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Hot Topic Solar System Mars 3-D Martian Grand Canyon
 
3-D Martian Grand Canyon
based on ESA report
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Mars
Posted:   01/19/04

Summary: The first high-resolution, stereoscopic image from the European orbiter, Mars Express, shows the Grand Canyon of Mars in relief and highlights the erosion that must have moved tons of rocks and soil in the distant past.

3-D Martian Grand Canyon

ESA's Mars Express, successfully inserted into orbit around Mars on 25 December 2003, is about to reach its final operating orbit above the poles of the Red Planet. The scientific investigation has just started and the first results already look promising, as this first close-up image shows.

Although the seven scientific instruments on board Mars Express are still undergoing a thorough calibration phase, they have already started collecting results. The first high-resolution images and spectra of Mars have already been acquired. This first stereoscopic colour picture was taken on 14 January 2004 by ESA's Mars Express satellite from 275 km above the surface of Mars by the High Resolution Stereo Camera (HRSC).

esa_mars_stereo
Inset location of Valles Marineris on Martian globe
Credit: ESA


The picture shows a portion of a 1700 km long and 65 km wide swath which was taken in south-north direction across the Grand Canyon of Mars (Valles Marineris). It is the first image of this size that shows the surface of Mars in high resolution (12 meters per pixel), in color, and in 3D. The total area of the image on the Martian surface (top left corner) corresponds to 120, 000 km2. The lower part of the picture shows the same region in perspective view as if seen from a low-flying aircraft.

This perspective view was generated on a computer from the original image data. The landscape appears to have been predominantly shaped by the erosional action of water. Millions of cubic kilometers of rock have been removed, and the surface features seen now such as mountain ranges, valleys, and mesas, have been formed.

The high resolution stereo camera HRSC was originally built for the Russian space mission Mars '96. After the unsuccessful launch in November 1996, the Institute of Space Sensor Technology and Planetary Exploration modified the camera as a replacement model in the Mars Express Mission. Another version, the HRSC-AX was built for airborne high-resolution 3D-earth-reconnaissance and is still under development.

esa_mars_express_stereo
This first stereoscopic color picture was taken on 14 January 2004 by ESA's Mars Express satellite from 275 km above the surface of Mars by the High Resolution Stereo Camera (HRSC). Credit: ESA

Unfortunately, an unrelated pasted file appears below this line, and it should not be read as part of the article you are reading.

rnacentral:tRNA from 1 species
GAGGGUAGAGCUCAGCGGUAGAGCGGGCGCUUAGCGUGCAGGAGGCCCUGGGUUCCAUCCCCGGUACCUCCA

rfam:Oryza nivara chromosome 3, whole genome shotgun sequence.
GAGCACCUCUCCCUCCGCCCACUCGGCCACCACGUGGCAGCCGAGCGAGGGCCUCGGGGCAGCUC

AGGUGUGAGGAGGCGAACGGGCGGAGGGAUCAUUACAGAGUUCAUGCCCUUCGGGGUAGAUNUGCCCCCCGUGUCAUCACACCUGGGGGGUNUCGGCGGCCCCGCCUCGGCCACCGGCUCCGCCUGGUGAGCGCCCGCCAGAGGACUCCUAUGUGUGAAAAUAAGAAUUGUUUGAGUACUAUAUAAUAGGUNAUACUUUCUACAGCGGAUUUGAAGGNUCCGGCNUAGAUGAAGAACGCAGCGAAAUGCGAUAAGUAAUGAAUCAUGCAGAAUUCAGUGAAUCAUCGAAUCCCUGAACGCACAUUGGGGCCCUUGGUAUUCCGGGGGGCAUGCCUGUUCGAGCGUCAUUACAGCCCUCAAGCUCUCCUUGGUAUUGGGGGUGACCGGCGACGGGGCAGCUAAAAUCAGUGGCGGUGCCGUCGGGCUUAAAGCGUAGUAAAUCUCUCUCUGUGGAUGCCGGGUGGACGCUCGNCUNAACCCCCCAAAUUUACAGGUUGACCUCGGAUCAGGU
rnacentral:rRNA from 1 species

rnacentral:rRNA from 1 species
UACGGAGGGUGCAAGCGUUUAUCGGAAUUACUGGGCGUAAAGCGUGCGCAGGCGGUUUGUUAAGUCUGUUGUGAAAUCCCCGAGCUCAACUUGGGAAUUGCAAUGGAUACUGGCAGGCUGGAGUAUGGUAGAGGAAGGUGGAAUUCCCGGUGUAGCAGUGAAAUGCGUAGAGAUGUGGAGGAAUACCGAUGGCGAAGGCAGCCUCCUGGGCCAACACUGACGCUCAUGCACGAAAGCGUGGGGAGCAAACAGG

The HRSC's task is the mapping of most of the Martian surface. The resolution is 10 meters/pixel at an altitude of 250 km (at the point of closest approach to Mars). With resolution down to 2.3 m per pixel, its super-resolution channel (SRC) will provide detailed information about areas of special interest, e.g. for the examination of future landing sites.

There are three stereo-channels (Nadir, Stereo 1 and Stereo 2), which are used for the extraction of 3D-data, which result finally in a digital terrain model. The principle is to get a downward, backward and a forward-view of an object. From these different views, one can derive 3D information

The Mars Express will have an elliptical orbit. On that account there are two special points, one in a minimum distance to the Mars (pericenter) and one at a maximum range (apocenter). The camera is operated mainly around the pericenter, having about 40 minutes of good exposure conditions there. The other part of the orbit is used to send the compressed data home to earth.

Besides that, there is the break mode for health checking and software maintenance and the standby mode for setting up the imaging sequence and its following actions.

mars_valles_marineris
Valles Marineris, a giant canyon stretching across the Martian equator.
Credit:NASA/JPL/MSSS


Combining the nine channels and the super-resolution channel together in full resolution, would result in an enormous data transfer rate. The main antenna has a limited rate and has a maximum of 8 hours per Earth-day for contact with the ground station. Thus there is a need for data reduction. After extensive tests with sample data, the compression factor has been determined to best approximate a variable factor between 4 and 10. This enables a compression of the data at acceptable losses in quality.

What's Next

The HRSC is just one of the instruments to collect orbital views and data. A three-dimensional video sequence, featuring famous landmarks on the surface of Mars as 'seen through European eyes' will be unveiled for the first time on Friday 23 January.


Related Web Pages

High-Resolution Stereo Camera
European Space Agency


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